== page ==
TFAW: Em’s sister, Dana Cypress, is a complex woman. She’s good at her job, but hampered by some hangups that affect her relationships with her family, potential love interests, and colleagues. What made her this way?
TS: Dana was profoundly affected by the loss of her mom when she was a kid. Em barely remembers it, but Dana has blamed her dad for it, and it’s made her act out in a lot of different ways. She’s now trying to make up to her dad and her sister for the way she acted out.
MN: I love Dana. She’s strong and it comes from a place where she’s had to overcome a lot of hurdles and personal mistakes. She’s messed up. And she’s trying to make her life (and everybody else’s) better now.
TFAW: Are the “demons” in the forest the souls of the Revivers? Does this make the Revivers evil, and how did this happen in the first place?
TS: Well that’s the big question, isn’t it? We know. And we will tell you if you keep reading.
MN: Ha. Yeah what Tim said.
TFAW: Mike, what strikes me the most about your art is how gorgeous it is–and how disgusting and gory it is, often in the same panel! What were your thoughts behind creating the look of the book?
MN: Well, for one, thank you. That’s really nice. With the art, I’m just trying to bring the realism and atmosphere of a small town. I think that quiet normalcy is what makes moments of extremely horror and violence so disturbing. If a book is drawn in a spooky shadowy scratchy style, you kind of expect the big scare. In our book, you’re not going to know when something crazy is gonna get you.
TFAW: Do you have a favorite character?
TS: I love them all. I like writing Blaine’s dialogue the most. And I think Dana is sort of the most “like” me . . . but I can’t choose a favorite.
MN: I like something about all of them as well. I love Dana the most. She’s the hero of the story to me. It’s really fun to draw Lester, though.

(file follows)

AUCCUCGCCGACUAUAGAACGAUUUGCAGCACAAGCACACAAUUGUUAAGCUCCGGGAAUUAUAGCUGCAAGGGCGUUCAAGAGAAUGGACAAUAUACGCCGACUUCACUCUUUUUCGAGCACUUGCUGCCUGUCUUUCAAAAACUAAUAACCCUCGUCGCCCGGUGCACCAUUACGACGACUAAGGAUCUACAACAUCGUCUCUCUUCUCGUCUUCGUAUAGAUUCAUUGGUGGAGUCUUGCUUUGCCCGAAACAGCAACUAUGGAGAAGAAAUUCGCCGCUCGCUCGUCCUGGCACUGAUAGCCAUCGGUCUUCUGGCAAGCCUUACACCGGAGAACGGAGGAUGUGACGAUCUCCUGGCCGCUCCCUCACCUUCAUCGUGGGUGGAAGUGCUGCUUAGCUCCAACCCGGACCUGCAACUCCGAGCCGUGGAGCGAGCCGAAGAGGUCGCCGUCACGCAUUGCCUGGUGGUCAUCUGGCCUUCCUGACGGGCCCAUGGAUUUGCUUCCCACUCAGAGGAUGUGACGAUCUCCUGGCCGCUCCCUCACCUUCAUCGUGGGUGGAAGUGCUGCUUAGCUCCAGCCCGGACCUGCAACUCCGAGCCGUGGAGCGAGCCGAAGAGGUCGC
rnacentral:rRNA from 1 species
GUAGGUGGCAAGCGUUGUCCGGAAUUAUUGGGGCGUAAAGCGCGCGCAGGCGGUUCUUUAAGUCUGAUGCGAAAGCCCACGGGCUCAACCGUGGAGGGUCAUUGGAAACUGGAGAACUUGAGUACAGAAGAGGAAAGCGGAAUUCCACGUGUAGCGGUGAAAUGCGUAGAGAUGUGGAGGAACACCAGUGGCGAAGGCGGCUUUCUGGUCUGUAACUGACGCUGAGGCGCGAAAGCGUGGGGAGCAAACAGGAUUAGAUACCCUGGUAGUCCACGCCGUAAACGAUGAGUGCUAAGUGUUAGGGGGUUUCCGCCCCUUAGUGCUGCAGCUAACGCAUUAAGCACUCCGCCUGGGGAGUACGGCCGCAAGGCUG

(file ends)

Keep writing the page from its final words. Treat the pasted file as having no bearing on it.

TFAW: What’s the best part of working on this book?
TS: I like getting to work with Mike, and playing to our strengths and interests, while occasionally making both of us work on things we aren’t as confident about.
MN: I agree. We both share similar aesthetic and preference for comics, and making comics together has been really fun and challenging. I’m really proud of it.
TFAW: What are your personal favorite horror stories?
TS: I’m still pretty attached to the original Halloween, Dawn of the Dead and a whole host of slasher movies. I recently read — and totally loved — John Dies at the End and This Book Is Full of Spiders. I still love Alan Moore’s Swamp Thing and I think Charles Burns’ Black Hole is maybe the creepiest comic I’ve ever read.
MN: Favorite horror? That’s funny. I used to hate horror as a kid. Nightmare on Elm Street and Fright Night were movies I had to watch behind closed fingers.
TFAW: Can you give us any other hints about what the future will hold for Revival?
TS: We’re going to see what the government is doing with Revivers who’ve “stepped out of line.” And, there will be an explosion of blood coming up.
MN: A lot of the trademark Revival character moments. And some seriously disturbing stuff.
TFAW: What other projects are you excited about right now?
TS: All of ’em! I’m in a good place, working on a lot of books I’m really enjoying! Yay! [Editor’s Note: Tim is currently working on Army of Darkness vs. Hack/Slash and Clown Fatale, as well as providing variant covers for Afterlife With Archie.]
MN: I have to say the same. I’m more creatively satisfied at this point in my career than I ever have been. [Editor’s Note: Mike is currently working on The Occultist — with Tim — as well as The Answer and Battlepug.]
Big thanks to Mike and Tim for chatting with us! If you haven’t read this amazing series yet, make sure to pick up Revival Vol. 1 and 2 in trade paperback, and pre-order Revival comics and the Revival Vol. 1 deluxe hardcover now to save 20%!
BROWSE REVIVAL COMICS AND GRAPHIC NOVELS
BROWSE TIM SEELEY COMICS AND GRAPHIC NOVELS
BROWSE MIKE NORTON COMICS AND GRAPHIC NOVELS
Have you read Revival? What’s your theory on who killed Em? Do you have a favorite issue so far? Post your comments below!